BOJ forecasts inflation challenges into 2020
The Bank of Jamaica (BOJ) in an assessment carried out in December and published in its annual report last week, says that there is some risk that headline inflation would fall below its target at various times during 2019 and 2020.
The central bank has a medium-term target of 4-6 per cent for inflation, but the rate continues to underperform the low end of the range. Annual or point-to-point inflation in January, for example, was tracking at 2.3 per cent.
In the new report, the BOJ indicates that its assessment for 2019 and 2020 was informed by trends in international commodity pricing, particularly for oil, as well as seasonal improvements in domestic agricultural food production.
As such, the bank said it would maintain a monetary policy stance “aimed at fostering conditions that will accelerate the level of growth in the Jamaican economy that will return inflation within the target of 4.0 per cent to 6.0 per cent in the medium-term”.
One of the tools being wielded by the central bank is interest rates. BOJ’s last downward adjustment to its policy rate happened in February, which was cut from 1.75 per cent to 1.5 per cent.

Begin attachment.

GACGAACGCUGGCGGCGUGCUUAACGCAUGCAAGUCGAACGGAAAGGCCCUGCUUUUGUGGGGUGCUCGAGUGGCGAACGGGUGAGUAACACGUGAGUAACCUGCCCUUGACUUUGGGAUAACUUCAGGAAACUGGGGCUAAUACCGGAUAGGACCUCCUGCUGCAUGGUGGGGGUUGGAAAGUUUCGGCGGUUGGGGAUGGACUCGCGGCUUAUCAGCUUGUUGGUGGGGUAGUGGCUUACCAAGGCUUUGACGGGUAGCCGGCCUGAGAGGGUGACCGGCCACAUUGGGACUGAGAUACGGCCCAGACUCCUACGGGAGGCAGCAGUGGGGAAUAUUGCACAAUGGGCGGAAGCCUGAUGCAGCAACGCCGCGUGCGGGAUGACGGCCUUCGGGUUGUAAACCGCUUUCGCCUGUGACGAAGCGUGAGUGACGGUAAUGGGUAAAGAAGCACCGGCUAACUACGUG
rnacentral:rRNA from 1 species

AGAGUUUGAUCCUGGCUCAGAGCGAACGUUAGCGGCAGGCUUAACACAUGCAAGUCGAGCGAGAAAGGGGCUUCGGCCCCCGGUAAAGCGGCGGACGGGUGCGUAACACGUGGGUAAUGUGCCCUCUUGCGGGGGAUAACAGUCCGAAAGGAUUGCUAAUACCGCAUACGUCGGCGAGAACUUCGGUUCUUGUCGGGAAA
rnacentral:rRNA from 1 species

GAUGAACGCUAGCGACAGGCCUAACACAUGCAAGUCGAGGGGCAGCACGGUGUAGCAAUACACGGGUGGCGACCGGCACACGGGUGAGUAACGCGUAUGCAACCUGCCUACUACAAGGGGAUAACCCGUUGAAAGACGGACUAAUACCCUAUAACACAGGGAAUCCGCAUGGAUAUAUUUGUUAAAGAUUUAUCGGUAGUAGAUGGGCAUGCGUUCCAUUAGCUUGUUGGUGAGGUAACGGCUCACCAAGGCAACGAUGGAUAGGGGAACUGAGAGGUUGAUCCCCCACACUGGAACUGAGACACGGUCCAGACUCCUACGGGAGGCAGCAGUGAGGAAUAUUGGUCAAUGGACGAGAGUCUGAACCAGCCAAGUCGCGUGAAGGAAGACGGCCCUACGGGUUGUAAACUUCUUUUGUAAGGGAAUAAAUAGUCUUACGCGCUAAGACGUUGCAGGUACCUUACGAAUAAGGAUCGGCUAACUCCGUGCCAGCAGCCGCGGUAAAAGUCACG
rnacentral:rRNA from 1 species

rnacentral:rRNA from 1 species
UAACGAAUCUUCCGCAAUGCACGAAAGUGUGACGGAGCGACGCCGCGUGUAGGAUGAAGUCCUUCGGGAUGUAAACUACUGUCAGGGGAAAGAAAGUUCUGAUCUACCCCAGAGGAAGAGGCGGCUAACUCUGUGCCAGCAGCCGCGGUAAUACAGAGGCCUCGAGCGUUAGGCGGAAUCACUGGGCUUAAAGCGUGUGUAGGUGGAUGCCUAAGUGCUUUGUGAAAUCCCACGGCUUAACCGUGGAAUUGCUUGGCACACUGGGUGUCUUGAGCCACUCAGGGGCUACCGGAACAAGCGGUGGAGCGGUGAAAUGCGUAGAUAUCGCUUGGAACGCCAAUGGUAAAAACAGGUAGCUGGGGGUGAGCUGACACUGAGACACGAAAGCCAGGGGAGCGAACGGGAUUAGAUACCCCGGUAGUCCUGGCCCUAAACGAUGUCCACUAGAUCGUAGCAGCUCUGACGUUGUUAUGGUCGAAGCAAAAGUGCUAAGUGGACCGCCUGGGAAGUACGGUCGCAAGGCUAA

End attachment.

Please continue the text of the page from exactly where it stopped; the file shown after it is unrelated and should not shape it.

In 2018, the policy rate was adjusted five times, resulting in 150 basis points of cuts.
BOJ says its targeted inflation rate is meant to keep Jamaica on a growth track and minimise the risk of precipitating a return to recessionary conditions. Growth in the economy in 2018 was estimated at 1.7 per cent, a substantially better outcome that the 0.7 per cent growth in 2017.
However, despite the policy adjustments, inflation fell below the lower end of the target in both the June and December quarters of 2018.
The bank said its assessments indicate that the missed targets during the year reflected the impact of stronger-than-anticipated declines in prices of agricultural produce as well as lower-than-forecasted oil prices.